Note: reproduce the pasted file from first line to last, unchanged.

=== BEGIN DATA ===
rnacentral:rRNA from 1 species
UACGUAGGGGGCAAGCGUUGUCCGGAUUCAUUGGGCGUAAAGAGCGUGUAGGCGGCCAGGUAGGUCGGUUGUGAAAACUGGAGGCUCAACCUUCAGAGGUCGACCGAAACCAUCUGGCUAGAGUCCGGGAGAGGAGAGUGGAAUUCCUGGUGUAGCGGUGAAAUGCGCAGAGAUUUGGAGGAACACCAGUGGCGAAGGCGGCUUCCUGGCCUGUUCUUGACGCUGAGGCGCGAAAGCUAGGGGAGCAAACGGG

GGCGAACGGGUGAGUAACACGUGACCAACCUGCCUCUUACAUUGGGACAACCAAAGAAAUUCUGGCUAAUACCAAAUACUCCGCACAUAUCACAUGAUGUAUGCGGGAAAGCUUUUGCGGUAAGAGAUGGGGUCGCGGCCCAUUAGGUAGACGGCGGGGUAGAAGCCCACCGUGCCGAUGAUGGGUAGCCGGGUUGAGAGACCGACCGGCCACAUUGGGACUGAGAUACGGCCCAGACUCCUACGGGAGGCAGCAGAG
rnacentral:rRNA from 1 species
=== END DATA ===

rnacentral:rRNA from 1 species
UACGUAGGGGGCAAGCGUUGUCCGGAUUCAUUGGGCGUAAAGAGCGUGUAGGCGGCCAGGUAGGUCGGUUGUGAAAACUGGAGGCUCAACCUUCAGAGGUCGACCGAAACCAUCUGGCUAGAGUCCGGGAGAGGAGAGUGGAAUUCCUGGUGUAGCGGUGAAAUGCGCAGAGAUUUGGAGGAACACCAGUGGCGAAGGCGGCUUCCUGGCCUGUUCUUGACGCUGAGGCGCGAAAGCUAGGGGAGCAAACGGG

GGCGAACGGGUGAGUAACACGUGACCAACCUGCCUCUUACAUUGGGACAACCAAAGAAAUUCUGGCUAAUACCAAAUACUCCGCACAUAUCACAUGAUGUAUGCGGGAAAGCUUUUGCGGUAAGAGAUGGGGUCGCGGCCCAUUAGGUAGACGGCGGGGUAGAAGCCCACCGUGCCGAUGAUGGGUAGCCGGGUUGAGAGACCGACCGGCCACAUUGGGACUGAGAUACGGCCCAGACUCCUACGGGAGGCAGCAGAG
rnacentral:rRNA from 1 species